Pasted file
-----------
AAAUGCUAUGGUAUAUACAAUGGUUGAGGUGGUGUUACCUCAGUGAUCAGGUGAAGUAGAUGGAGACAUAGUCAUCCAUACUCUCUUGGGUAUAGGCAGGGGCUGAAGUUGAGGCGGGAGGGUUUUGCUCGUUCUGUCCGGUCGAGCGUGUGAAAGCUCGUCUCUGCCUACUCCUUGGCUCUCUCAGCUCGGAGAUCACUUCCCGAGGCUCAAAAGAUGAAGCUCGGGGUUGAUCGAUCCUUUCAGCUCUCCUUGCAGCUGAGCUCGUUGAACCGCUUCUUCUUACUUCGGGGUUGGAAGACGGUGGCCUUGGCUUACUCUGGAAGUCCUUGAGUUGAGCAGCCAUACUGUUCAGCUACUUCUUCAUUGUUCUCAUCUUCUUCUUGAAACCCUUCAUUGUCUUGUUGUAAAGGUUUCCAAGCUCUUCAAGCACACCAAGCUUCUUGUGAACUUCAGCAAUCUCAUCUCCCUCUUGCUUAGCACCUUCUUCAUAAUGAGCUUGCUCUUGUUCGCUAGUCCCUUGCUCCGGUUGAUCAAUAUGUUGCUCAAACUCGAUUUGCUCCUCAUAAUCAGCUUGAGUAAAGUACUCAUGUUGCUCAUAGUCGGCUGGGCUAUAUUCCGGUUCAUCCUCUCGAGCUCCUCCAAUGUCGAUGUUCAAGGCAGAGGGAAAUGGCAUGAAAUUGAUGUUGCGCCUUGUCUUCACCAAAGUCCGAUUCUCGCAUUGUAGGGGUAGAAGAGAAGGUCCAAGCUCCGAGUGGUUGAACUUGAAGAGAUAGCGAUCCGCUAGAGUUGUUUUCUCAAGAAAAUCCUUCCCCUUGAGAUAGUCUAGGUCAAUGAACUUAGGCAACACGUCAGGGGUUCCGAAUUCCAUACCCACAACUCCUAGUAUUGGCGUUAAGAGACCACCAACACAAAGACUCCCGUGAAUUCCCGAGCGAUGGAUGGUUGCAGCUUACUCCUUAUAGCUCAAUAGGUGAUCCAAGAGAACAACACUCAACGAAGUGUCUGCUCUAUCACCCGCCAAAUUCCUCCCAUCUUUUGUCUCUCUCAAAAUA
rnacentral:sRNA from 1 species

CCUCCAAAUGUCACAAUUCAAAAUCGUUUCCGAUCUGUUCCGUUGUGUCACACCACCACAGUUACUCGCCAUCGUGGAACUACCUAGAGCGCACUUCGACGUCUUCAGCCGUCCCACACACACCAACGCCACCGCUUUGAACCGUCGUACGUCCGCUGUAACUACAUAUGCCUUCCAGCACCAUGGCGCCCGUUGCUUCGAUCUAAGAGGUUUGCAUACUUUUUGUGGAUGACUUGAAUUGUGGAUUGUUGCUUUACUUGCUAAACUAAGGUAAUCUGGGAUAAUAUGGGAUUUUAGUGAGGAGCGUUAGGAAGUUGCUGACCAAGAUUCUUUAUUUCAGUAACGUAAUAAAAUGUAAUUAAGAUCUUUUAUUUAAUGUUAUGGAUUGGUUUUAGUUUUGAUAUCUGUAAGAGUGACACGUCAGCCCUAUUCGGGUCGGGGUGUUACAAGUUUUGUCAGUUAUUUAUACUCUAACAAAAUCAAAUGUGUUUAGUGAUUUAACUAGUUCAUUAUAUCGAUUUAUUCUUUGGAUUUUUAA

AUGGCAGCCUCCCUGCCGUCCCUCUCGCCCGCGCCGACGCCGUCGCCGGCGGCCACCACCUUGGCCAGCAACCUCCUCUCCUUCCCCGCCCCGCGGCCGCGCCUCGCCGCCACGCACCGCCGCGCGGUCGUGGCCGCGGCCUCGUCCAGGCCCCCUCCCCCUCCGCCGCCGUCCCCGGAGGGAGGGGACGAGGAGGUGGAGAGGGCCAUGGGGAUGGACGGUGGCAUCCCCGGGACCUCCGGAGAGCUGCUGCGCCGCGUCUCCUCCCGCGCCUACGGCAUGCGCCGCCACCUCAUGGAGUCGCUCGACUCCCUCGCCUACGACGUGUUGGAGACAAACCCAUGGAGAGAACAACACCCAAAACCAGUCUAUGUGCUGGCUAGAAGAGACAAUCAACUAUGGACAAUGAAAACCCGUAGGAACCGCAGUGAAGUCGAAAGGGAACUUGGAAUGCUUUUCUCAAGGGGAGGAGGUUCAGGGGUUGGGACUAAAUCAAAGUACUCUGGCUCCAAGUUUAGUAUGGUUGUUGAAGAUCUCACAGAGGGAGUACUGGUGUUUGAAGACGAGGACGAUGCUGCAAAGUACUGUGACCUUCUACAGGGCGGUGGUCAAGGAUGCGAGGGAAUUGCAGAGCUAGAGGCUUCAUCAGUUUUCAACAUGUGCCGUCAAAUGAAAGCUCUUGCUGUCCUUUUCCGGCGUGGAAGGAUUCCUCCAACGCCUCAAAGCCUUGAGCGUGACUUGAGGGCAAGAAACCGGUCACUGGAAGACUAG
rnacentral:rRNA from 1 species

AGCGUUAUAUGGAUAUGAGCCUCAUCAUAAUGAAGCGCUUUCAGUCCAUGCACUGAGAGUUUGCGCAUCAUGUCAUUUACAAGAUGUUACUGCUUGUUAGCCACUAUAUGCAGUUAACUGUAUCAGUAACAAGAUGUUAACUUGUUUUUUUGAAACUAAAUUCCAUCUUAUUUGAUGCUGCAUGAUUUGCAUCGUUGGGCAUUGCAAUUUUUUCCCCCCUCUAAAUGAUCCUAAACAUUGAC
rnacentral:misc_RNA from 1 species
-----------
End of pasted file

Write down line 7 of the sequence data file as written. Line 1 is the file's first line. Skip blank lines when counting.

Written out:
rnacentral:misc_RNA from 1 species